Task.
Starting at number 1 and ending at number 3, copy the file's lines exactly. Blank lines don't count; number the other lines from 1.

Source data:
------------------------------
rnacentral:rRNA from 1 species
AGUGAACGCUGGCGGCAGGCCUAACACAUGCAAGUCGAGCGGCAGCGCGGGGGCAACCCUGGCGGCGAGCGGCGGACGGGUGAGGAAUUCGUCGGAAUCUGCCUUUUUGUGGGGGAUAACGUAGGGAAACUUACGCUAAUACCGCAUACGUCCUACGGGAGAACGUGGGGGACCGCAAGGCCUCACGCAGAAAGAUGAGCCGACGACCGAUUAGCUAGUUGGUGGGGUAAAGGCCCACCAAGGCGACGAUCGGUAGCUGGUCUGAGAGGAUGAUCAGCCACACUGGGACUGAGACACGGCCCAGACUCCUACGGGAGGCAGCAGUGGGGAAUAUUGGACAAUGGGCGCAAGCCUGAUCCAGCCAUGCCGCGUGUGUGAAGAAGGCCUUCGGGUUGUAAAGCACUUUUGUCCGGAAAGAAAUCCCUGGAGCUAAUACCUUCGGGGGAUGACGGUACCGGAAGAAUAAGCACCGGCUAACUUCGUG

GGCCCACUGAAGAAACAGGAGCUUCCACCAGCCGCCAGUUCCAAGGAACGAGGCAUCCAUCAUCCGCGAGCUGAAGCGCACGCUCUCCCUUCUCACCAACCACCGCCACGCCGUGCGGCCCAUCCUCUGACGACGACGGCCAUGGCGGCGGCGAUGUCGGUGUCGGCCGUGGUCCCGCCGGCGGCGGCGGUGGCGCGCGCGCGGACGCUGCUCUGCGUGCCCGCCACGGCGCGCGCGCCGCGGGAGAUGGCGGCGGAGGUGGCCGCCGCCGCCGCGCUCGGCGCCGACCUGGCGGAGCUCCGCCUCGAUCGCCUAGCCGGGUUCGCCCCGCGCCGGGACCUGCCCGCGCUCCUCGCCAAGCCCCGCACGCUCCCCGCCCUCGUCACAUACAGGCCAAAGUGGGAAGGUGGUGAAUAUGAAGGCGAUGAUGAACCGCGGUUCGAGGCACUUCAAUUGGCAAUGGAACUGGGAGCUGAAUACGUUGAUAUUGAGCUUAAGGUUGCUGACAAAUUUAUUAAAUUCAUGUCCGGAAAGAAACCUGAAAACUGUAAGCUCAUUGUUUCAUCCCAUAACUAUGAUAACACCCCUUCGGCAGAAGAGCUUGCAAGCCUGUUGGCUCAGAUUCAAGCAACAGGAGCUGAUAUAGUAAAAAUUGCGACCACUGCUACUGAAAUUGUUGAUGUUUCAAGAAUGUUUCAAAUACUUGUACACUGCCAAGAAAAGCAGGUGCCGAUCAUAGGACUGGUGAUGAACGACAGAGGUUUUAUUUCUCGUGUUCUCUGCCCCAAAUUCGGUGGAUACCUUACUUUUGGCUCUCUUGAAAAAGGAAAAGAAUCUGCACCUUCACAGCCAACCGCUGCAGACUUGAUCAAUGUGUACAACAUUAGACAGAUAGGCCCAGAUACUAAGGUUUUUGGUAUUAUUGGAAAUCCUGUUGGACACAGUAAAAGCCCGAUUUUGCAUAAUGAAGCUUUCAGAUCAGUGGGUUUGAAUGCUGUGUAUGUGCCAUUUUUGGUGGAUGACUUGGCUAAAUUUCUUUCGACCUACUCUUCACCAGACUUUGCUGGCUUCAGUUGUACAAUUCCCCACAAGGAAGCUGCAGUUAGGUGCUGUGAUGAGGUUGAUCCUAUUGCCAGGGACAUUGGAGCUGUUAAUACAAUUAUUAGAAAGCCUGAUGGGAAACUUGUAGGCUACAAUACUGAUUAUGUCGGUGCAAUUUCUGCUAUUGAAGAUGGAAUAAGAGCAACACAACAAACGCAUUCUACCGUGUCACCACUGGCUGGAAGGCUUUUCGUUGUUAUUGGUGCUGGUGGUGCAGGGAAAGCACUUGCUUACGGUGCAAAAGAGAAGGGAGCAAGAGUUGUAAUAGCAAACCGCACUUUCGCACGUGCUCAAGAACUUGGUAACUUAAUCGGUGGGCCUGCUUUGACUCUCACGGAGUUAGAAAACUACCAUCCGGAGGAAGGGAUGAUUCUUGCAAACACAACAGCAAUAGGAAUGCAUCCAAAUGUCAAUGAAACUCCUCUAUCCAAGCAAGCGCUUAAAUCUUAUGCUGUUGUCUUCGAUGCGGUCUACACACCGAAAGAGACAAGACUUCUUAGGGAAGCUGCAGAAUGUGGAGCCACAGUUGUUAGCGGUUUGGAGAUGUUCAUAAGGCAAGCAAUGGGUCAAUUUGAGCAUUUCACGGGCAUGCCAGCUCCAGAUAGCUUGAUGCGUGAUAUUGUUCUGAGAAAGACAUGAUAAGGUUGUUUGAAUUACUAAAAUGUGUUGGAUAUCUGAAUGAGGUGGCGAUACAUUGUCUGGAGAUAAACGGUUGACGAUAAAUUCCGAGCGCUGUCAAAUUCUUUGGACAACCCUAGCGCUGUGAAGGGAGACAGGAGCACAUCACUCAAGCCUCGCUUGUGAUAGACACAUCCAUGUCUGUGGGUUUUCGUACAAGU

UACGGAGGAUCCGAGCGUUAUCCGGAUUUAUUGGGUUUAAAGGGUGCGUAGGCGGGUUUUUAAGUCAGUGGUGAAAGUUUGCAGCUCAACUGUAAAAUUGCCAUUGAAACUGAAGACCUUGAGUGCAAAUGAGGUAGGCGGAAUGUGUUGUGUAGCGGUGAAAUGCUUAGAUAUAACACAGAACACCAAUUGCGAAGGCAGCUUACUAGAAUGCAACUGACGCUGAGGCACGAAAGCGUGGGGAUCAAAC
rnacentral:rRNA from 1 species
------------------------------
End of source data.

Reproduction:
rnacentral:rRNA from 1 species
AGUGAACGCUGGCGGCAGGCCUAACACAUGCAAGUCGAGCGGCAGCGCGGGGGCAACCCUGGCGGCGAGCGGCGGACGGGUGAGGAAUUCGUCGGAAUCUGCCUUUUUGUGGGGGAUAACGUAGGGAAACUUACGCUAAUACCGCAUACGUCCUACGGGAGAACGUGGGGGACCGCAAGGCCUCACGCAGAAAGAUGAGCCGACGACCGAUUAGCUAGUUGGUGGGGUAAAGGCCCACCAAGGCGACGAUCGGUAGCUGGUCUGAGAGGAUGAUCAGCCACACUGGGACUGAGACACGGCCCAGACUCCUACGGGAGGCAGCAGUGGGGAAUAUUGGACAAUGGGCGCAAGCCUGAUCCAGCCAUGCCGCGUGUGUGAAGAAGGCCUUCGGGUUGUAAAGCACUUUUGUCCGGAAAGAAAUCCCUGGAGCUAAUACCUUCGGGGGAUGACGGUACCGGAAGAAUAAGCACCGGCUAACUUCGUG

GGCCCACUGAAGAAACAGGAGCUUCCACCAGCCGCCAGUUCCAAGGAACGAGGCAUCCAUCAUCCGCGAGCUGAAGCGCACGCUCUCCCUUCUCACCAACCACCGCCACGCCGUGCGGCCCAUCCUCUGACGACGACGGCCAUGGCGGCGGCGAUGUCGGUGUCGGCCGUGGUCCCGCCGGCGGCGGCGGUGGCGCGCGCGCGGACGCUGCUCUGCGUGCCCGCCACGGCGCGCGCGCCGCGGGAGAUGGCGGCGGAGGUGGCCGCCGCCGCCGCGCUCGGCGCCGACCUGGCGGAGCUCCGCCUCGAUCGCCUAGCCGGGUUCGCCCCGCGCCGGGACCUGCCCGCGCUCCUCGCCAAGCCCCGCACGCUCCCCGCCCUCGUCACAUACAGGCCAAAGUGGGAAGGUGGUGAAUAUGAAGGCGAUGAUGAACCGCGGUUCGAGGCACUUCAAUUGGCAAUGGAACUGGGAGCUGAAUACGUUGAUAUUGAGCUUAAGGUUGCUGACAAAUUUAUUAAAUUCAUGUCCGGAAAGAAACCUGAAAACUGUAAGCUCAUUGUUUCAUCCCAUAACUAUGAUAACACCCCUUCGGCAGAAGAGCUUGCAAGCCUGUUGGCUCAGAUUCAAGCAACAGGAGCUGAUAUAGUAAAAAUUGCGACCACUGCUACUGAAAUUGUUGAUGUUUCAAGAAUGUUUCAAAUACUUGUACACUGCCAAGAAAAGCAGGUGCCGAUCAUAGGACUGGUGAUGAACGACAGAGGUUUUAUUUCUCGUGUUCUCUGCCCCAAAUUCGGUGGAUACCUUACUUUUGGCUCUCUUGAAAAAGGAAAAGAAUCUGCACCUUCACAGCCAACCGCUGCAGACUUGAUCAAUGUGUACAACAUUAGACAGAUAGGCCCAGAUACUAAGGUUUUUGGUAUUAUUGGAAAUCCUGUUGGACACAGUAAAAGCCCGAUUUUGCAUAAUGAAGCUUUCAGAUCAGUGGGUUUGAAUGCUGUGUAUGUGCCAUUUUUGGUGGAUGACUUGGCUAAAUUUCUUUCGACCUACUCUUCACCAGACUUUGCUGGCUUCAGUUGUACAAUUCCCCACAAGGAAGCUGCAGUUAGGUGCUGUGAUGAGGUUGAUCCUAUUGCCAGGGACAUUGGAGCUGUUAAUACAAUUAUUAGAAAGCCUGAUGGGAAACUUGUAGGCUACAAUACUGAUUAUGUCGGUGCAAUUUCUGCUAUUGAAGAUGGAAUAAGAGCAACACAACAAACGCAUUCUACCGUGUCACCACUGGCUGGAAGGCUUUUCGUUGUUAUUGGUGCUGGUGGUGCAGGGAAAGCACUUGCUUACGGUGCAAAAGAGAAGGGAGCAAGAGUUGUAAUAGCAAACCGCACUUUCGCACGUGCUCAAGAACUUGGUAACUUAAUCGGUGGGCCUGCUUUGACUCUCACGGAGUUAGAAAACUACCAUCCGGAGGAAGGGAUGAUUCUUGCAAACACAACAGCAAUAGGAAUGCAUCCAAAUGUCAAUGAAACUCCUCUAUCCAAGCAAGCGCUUAAAUCUUAUGCUGUUGUCUUCGAUGCGGUCUACACACCGAAAGAGACAAGACUUCUUAGGGAAGCUGCAGAAUGUGGAGCCACAGUUGUUAGCGGUUUGGAGAUGUUCAUAAGGCAAGCAAUGGGUCAAUUUGAGCAUUUCACGGGCAUGCCAGCUCCAGAUAGCUUGAUGCGUGAUAUUGUUCUGAGAAAGACAUGAUAAGGUUGUUUGAAUUACUAAAAUGUGUUGGAUAUCUGAAUGAGGUGGCGAUACAUUGUCUGGAGAUAAACGGUUGACGAUAAAUUCCGAGCGCUGUCAAAUUCUUUGGACAACCCUAGCGCUGUGAAGGGAGACAGGAGCACAUCACUCAAGCCUCGCUUGUGAUAGACACAUCCAUGUCUGUGGGUUUUCGUACAAGU